Martin Emil Widegren was born 17 June 1903 in Norberg, Västmanland County, Västmanland, Sweden to Emil Rudolf Widegren (1872-1908) and Augusta Karolina Lundgren (1874-1966) and died 19 November 1990 in Jamestown, Chautauqua County, New York, United States of unspecified causes. He married Elmira Sarah Harrison (1906-1994) 6 June 1928 in Kersey, Elk County, Pennsylvania, United States. Ancestors are from Sweden.


Martin Emil Widegren was born on June 17, 1903 in Norberg, Västmanlands, Sweden, the only child of Emil Rudolf and Augusta Karolina (Lundgren) Widegren. His parents were Lutheran and so Martin was raised a Lutheran and baptized on July 26, 1903, when he was a month old. His father worked in the coal mines nearby. However, his father died of pulmonary tuberculosis when Martin was 4 years old. Less than two years later, his mother remarried to Karl Axel Wahlberg on January 23, 1910. His half-brother, Axel Edvin, was born in Norberg two years later 1912. While in Norberg, Martin received an 8th grade education. Sometime after completing school, he moved to the city of Västerås where worked as an electrician in the early 1920s. He was living at Klara 3 at the time he registered to leave Sweden on July 13, 1923.

At some point in the early 1920s, Martin made a decision to leave Sweden and immigrate to the United States and apply for citizenship. He had a friend, Ernst Westerlund who lived Chicago, and so he decided to join him there. With $50 in hand after paying his passage, he left Sweden from the port of Gothenburg on August 11, 1923, on board the steamship S.S. Kungsholm. After an eleven day journey, the ship arrived in New York City on August 22. However, for unspecified reasons, he did not stop at Ellis Island. Bound for Chicago, Martin most likely took a train from New York City to Chicago, Illinois, where he was to meet up with his friend.

Upon arrival in Chicago, Martin would have seen a bustling city. As a taxi driver, Martin would have experienced many of the things that define the Roaring Twenties. It us unknown how long Martin remained in Chicago. His maternal uncle, Albert Lundgren, had immigrated to the United States in early August of 1923 and had settled in the city of Jamestown, New York, where he found work. After only a couple years of living in Chicago, Martin left to join his uncle in Jamestown. By 1926, Martin was living at 213 West 2nd Street in Jamestown. He worked as a case maker at the Lundell-Eckberg Manufacturing Company. By 1928, he was living at 336 Foote Avenue.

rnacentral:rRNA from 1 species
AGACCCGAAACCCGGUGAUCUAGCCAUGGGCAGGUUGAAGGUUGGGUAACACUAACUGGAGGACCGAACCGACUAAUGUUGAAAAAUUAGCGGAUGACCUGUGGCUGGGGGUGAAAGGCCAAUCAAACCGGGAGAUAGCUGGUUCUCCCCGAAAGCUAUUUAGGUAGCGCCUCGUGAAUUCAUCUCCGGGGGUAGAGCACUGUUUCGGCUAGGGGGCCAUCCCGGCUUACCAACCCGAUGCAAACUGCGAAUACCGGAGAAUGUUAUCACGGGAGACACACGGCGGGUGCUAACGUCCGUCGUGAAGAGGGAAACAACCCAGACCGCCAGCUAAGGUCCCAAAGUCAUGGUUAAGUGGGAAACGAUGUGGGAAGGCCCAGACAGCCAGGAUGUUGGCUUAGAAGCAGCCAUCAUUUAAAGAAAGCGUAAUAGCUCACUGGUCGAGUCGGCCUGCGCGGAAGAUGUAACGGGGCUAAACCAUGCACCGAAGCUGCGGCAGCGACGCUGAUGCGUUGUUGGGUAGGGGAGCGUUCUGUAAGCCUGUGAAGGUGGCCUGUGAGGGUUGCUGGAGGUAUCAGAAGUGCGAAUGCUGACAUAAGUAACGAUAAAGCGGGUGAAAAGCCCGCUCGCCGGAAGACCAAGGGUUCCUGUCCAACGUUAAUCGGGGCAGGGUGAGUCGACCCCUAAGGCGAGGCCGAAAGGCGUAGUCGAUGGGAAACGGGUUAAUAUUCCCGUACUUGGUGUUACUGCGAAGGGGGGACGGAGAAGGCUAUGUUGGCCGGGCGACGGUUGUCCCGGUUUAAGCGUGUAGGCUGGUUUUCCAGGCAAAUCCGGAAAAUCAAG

Sometime in the mid-1920s, Martin met Elmira Sarah Harrison, a native of Pennsylvania who had come to Jamestown and was working as a sales clerk. They married on her parents’ farm in Kersey on June 6, 1928. As newlyweds, Martin and Elmira lived at 274 Prospect. On February 25, 1929, Martin was naturalized as a U.S. citizen at Jamestown. Martin is found on the passenger list of the S.S. Hamburg, sailing from Bremen, Germany on August 29, 1930 to New York City on September 6, 1930. Reasons for this trip remain unknown, but he may have gone to Sweden to visit relatives. From there, he would have sailed from Sweden to Bremen, which could explain why he set sail from Germany.

By 1934, Martin was working as a welder and they lived at 347 South Main. Around this time, they were living at 168 Stowe and Martin was working for the Jamestown Malleable Iron Corporation and would eventually work his way up to Chief Engineer, working on the mechanical side in electric and plumbing.

By 1940, the Widegrens were living at 17 Norwood Avenue. The rent was $20 per month. For the week of March 24-30, 1940, it was reported that Martin had a 40 hour work week as an inspector at a Metal Casing Company. Throughout 1939, Martin had worked a total of 36 weeks and had an income of $1,000. At some point, perhaps in the early 1930s, Elmira had a miscarriage. The Widegrens lived on Norwood up until the early 1940s. By 1942, they were living at 149 Hunt Road in West Ellicott.

In 1957, Jamestown Malleable Iron Corp. was shutdown for a 12-month period. On December 29, it was reported that the company would resume manufacturing castings on December 29, with 150 men working, according to an announcement by A. E. Schobeck, President and General Manager of the Company. The plant later closed. By 1963, Martin went to work for Blackstone Corp, which had been owned by Malleable Iron. His job was to assist in the design of the new Blackstone Georgia Foundry, in Statesboro, Georgia. Martin retired about 1973.

His hobbies included hunting, but mainly fishing. He built three boats and in the summer would be out almost all the time trolling for musky. Martin returned to Sweden in 1974 to visit family, perhaps his half-brother Edvin and his niece, Maj-Britt Wahlberg.

Martin and Elmira did everything together and were married for 62 years at the time of his death. They attended the Lakewood United Methodist Church, were members of the Swedish Society of the First Lutheran Church and the Celoron-West Ellicott Senior Citizens. Martin died at his home on November 19, 1990. His funeral took place at the Lind Funeral Home and the Reverend Gerald A. Haglund officiated. He was buried at Sunset Hill Cemetery.



  1. Swedish Births (
  2. Kungsholm Ship Manifest, 1923, Line #29 [1]
  3. 1930 United States Federal Census, Jamestown, Chautauqua County, New York.
  4. 1940 United States Federal Census, Jamestown, Chautauqua County, New York.
  5. Obituary, Jamestown Post-Journal, 1990
  6. Social Security Death Index

Footnotes (including sources)